The wonderful and varied landscape of the Gower Peninsula was, in 1956, the first place in the UK to be designated as an Area of Outstanding Natural Beauty, and is one of only five within Wales, the others being Isle of Anglesey, Wye Valley, Llŷn Peninsula and the Clwydian Range and Dee Valley. There are now almost 50 Areas of Outstanding Natural Beauty in England, Wales and Northern Ireland.
The Gower Peninsula is an easily identifiable piece of land jutting out into the Bristol Channel from South Wales. I visited a few years ago and so have had the opportunity to see at first hand the awe-inspiring, natural backdrop of hills, valleys, beaches, clifftops, commons, woodland, dunes and marshes.
One of the more famous locations is Three Cliffs Bay. Three Cliffs is a remote, difficult to access bay. The three linked and pointed cliff faces that jut into the bay is very popular with climbers and give the beach its name. Their limestone strata are punctured by a fully formed natural archway that leads to the quiet Pobbles Beach. Dividing the bay is the snake-like Pennard Pill and nearby sand dunes.
Worm’s Head is the signature landscape feature of Gower. The word is a corruption of the Old English “wurm”, or serpent and at high tide, the island looks like a Welsh version of the Loch Ness Monster. It is at the most westerly tip of the whole of Gower and at low tide, a rocky causeway out to The Worm can be seen, but be warned that the sea only allows access to the causeway for a few hours each tide cycle, to keep The Worm to itself.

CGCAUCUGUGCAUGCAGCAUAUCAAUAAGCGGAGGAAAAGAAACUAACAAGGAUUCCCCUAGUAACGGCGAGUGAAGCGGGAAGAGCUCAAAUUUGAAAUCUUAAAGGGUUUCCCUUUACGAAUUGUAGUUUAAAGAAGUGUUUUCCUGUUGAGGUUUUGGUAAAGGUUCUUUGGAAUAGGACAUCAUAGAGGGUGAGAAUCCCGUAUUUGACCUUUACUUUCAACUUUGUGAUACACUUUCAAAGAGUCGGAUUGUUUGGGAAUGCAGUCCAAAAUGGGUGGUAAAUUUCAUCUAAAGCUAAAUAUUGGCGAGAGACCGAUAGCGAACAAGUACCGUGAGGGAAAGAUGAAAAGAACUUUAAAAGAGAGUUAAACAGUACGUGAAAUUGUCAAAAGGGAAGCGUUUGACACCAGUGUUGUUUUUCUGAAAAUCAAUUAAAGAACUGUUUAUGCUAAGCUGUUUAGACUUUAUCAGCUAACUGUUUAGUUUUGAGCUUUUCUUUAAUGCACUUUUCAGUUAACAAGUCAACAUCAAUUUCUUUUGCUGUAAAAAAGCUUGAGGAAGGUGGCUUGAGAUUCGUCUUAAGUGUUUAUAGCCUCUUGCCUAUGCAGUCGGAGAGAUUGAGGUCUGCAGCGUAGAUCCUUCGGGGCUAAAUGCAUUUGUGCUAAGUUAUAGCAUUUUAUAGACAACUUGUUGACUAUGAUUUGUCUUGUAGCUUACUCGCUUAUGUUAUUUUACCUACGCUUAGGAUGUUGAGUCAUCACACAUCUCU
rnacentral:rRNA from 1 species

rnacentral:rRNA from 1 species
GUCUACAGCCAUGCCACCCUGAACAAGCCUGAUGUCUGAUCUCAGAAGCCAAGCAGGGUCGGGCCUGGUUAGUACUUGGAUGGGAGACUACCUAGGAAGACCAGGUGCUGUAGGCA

Next to Worm’s Head is Rhossili Bay. When you witness its majesty it is little wonder that it has received such acclaim. Voted the best beach in Britain in recent years, Rhossili Bay has been the location of some notable recent events. The cliff tops and beach were used during the filming of Doctor Who in 2005 and Torchwood in 2011.
More recently the famed beach and Worm’s Head were beamed around the world during Danny Boyle’s extravaganza, the opening ceremony for the London 2012 Olympics.
Rhossili was also sympathetically chosen to be the location for new world skinny dipping record because of its relative seclusion! The record-breaking event raised £12,000 for Marie Curie Cancer Care and the National Trust in 2011. Positioned on an ancient raised shoreline plateau from the beach you can just see the Old Rectory, an isolated cottage complete with many tales of smuggling and mysterious ghostly apparitions.
Finally, we call at Whiteford Sands, pronounced Witford, its name being corrupted from the Viking word Hvit Fford, a large expanse of sand, dune, forest and estuary.
The two-mile stretch of sand curves gently from the cliffs of Broughton Bay towards the isolated Whiteford Lighthouse and is one of the quietest spots on the Gower Peninsula. Even during the height of summer, as you can see from my photo, very few take the hour-plus walk required to reach this lonely beach. However, for those of us intrepid enough to endure the long trek, lies the reward of a wild and virtually empty expanse of glittering sand, enclosed from the rest of the world by the tide and the high dune systems of Whiteford Burrows.
Sadly that is the end of our visit to the UK’s first Area of Outstanding Natural Beauty and hopefully, you will agree that its accolades are well deserved.
You can see more images of Gower in the Brecon Beacons, Carmarthenshire and South Wales gallery